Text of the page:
Tag Archives: Police

Old New York In Photos #78 – Fifth Avenue & 42nd Street 1903

Fifth Avenue & 42nd Street c. 1903 – Crowded Street On A Cold Sunny Day

This bustling scene was captured by a Detroit Publishing Company photographer around 1903. The view is from the southeast corner of 42nd Street looking north up Fifth Avenue.

It is obviously a cold and sunny day with most people wearing warm coats. Enlarging our photograph the first thing you may notice is that everyone is uniformly dressed. All the women have the same dress length, just past the ankle. Every man wears a suit or overcoat.  Take a look around. There is not a single person hatless.

Let’s zoom in on some of the details.

On the northeast corner of 42nd Street an elderly man stops to take a look at the work going on inside an open manhole.

As usual, at all very busy intersections, a policeman is on duty to help direct the flow of traffic both vehicular and pedestrian.

This gentleman on the left with the gold watch fob and chain looks to be a prosperous fellow, possibly on his way back to his office after lunch.

Of course other people look spiffy without being wealthy. This sharp looking mustachioed hansom cab driver holding a whip is dressed immaculately.

Crossing the street is an adventure. The teen on the left dashes past the horse drawn wagon that is making it’s way up Fifth Avenue. The man on the right waits cautiously looking for a break in the traffic before making his attempt .

How these three women are going to get across the street seems to be a daunting challenge to say the least.

When they finally do try and make it across the street they have to be looking up and down, because there is the ever-present horse manure everywhere.

Let’s take a look at the immediate surroundings. The main building on the northwest corner of 42nd Street and Fifth Avenue had previously been the Hotel Bristol. In business since the 1870s, the hotel was converted into offices and stores in 1903 and renamed the Bristol Building. The entire structure and many other adjacent buildings were taken down in 1927 to build the art deco skyscraper, 500 Fifth Avenue.

If you looked up at the second story window of the Bristol Building you’d see a clock. It’s 2:10 and the clock belongs to a branch office of Howard Lapsley Bankers and Brokers. Their main business location was on Exchange Place. Immediately below on the ground floor is a sign for the corner store, Acker Merrall and Condit Company. Amazingly their wine business, which now specializes in rare wine auctions is still active in 2017.

On the ground floor of the Bristol Building were some other businesses including Thomas Young Jr., florist. Besides the name on the awning and on the glass window of the store, Thomas Young Jr. put his name up in lights just above the store. It must have looked great lit up at night.

If you owned a business and had a vehicle, it would probably be a good idea to put the name of your business on a delivery truck. While we know this vehicle is related to the sale of desks, tables and chairs we don’t know which company it is. Maybe the name was on the other side of awning.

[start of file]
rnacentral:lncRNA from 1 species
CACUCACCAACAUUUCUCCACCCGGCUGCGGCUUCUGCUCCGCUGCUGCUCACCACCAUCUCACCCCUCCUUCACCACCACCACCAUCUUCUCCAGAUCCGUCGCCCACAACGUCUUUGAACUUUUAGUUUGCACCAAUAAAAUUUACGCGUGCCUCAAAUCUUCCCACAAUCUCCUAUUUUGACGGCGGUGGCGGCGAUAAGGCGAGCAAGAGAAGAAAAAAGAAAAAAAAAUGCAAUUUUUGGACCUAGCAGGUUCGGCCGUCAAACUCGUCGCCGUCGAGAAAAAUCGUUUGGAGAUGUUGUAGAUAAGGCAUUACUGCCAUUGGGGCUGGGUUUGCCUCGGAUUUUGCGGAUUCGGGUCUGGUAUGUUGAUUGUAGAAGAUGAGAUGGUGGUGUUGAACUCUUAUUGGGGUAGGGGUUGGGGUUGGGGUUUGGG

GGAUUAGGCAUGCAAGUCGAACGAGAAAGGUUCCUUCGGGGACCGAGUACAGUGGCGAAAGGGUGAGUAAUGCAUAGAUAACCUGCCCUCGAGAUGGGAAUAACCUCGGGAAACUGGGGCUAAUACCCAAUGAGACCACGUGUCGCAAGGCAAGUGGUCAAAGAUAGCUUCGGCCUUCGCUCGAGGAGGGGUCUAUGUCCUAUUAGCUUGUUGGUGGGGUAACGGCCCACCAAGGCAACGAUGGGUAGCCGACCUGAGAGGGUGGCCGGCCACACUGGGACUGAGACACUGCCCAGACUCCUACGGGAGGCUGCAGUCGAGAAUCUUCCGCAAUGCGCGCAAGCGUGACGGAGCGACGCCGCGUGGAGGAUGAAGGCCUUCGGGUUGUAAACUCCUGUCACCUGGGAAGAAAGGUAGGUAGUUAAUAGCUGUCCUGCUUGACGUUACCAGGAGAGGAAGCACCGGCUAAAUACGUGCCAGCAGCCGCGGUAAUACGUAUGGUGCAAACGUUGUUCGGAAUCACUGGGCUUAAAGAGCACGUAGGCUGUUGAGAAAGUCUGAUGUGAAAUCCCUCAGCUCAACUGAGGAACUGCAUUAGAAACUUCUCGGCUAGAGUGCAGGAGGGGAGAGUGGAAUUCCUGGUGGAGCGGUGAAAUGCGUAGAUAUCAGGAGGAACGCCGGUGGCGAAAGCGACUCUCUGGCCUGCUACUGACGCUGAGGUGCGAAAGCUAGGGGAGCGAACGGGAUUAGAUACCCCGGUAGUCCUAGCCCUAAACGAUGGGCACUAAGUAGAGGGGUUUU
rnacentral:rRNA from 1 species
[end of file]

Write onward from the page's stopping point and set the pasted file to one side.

To conclude, take a look at this light fixture on the near southeast corner of 42nd Street. The time of making utilitarian objects beautiful seems to have disappeared as the 20th century progressed.

Even though it has a simple cast iron base atop a concrete pedestal did the light itself have to be so ornate? Probably not, but isn’t this fixture more pleasant to look at, even with a small amount of advertising for the American Biscuit Company on the glass?

Immigration Enforcement In 1921 & Immigration Battles Today

Immigrants Inspected – Keeping America “Safe” 1921

Immigrants Examined By New York City Health Officials For Typhus Symptoms

To ward off a possible spread of the dread typhus in New York, Dr. Royal S. Copeland, Health Commissioner, has assigned a squad of inspectors to examine all immigrants released from Ellis Island on their arrival in New York City. The immigrants must pass two inspections before being permitted to land. The Federal health authorities examine them at Ellis Isalnd and Dr. Copeland’s squad assisted by New York police round them up at the Battery and take them to a nearby ferry house where another examination is made. Several carriers of the typhus lice  according to reports have been discovered by the Copeland squad after the Ellis Island officials had permitted them to pass through.

The photo shows Dr. Copeland’s squad examining newly landed immigrants. photo: International News 2-14-21

Today there is much more than typhus to worry about when deciding who shall be admitted to the United States. “Extreme vetting” to thwart terrorists is one of the big debates. And of course there is that contentious issue of the estimated 11 million people that are in the United States illegally.

In all the arguments that have been brought up about amnesty for illegals, I have not seen anyone saying they are against legal immigrants and immigration. Continue reading

Look What The Cops Caught In Times Square – 1935

75 Cattle Get Off A Boat In Manhattan, 3 Decide To Take A Tour Of The City Instead of Going To The Slaughterhouse

After A Chase Through Midtown Manhattan – Cops Catch An Elusive Steer In Times Square

It’s not a rodeo, but a policeman uses a lasso to catch a runaway steer in Times Square. photo: Acme 9/3/1935

It was little before 6 a.m. on Tuesday, September 3, 1935. Labor Day weekend had just ended. The city was stirring back to life to begin a normal work week. At an East River dock on 45th Street, a boat was unloading its cargo, 75 head of cattle, all headed to the nearby slaughterhouse.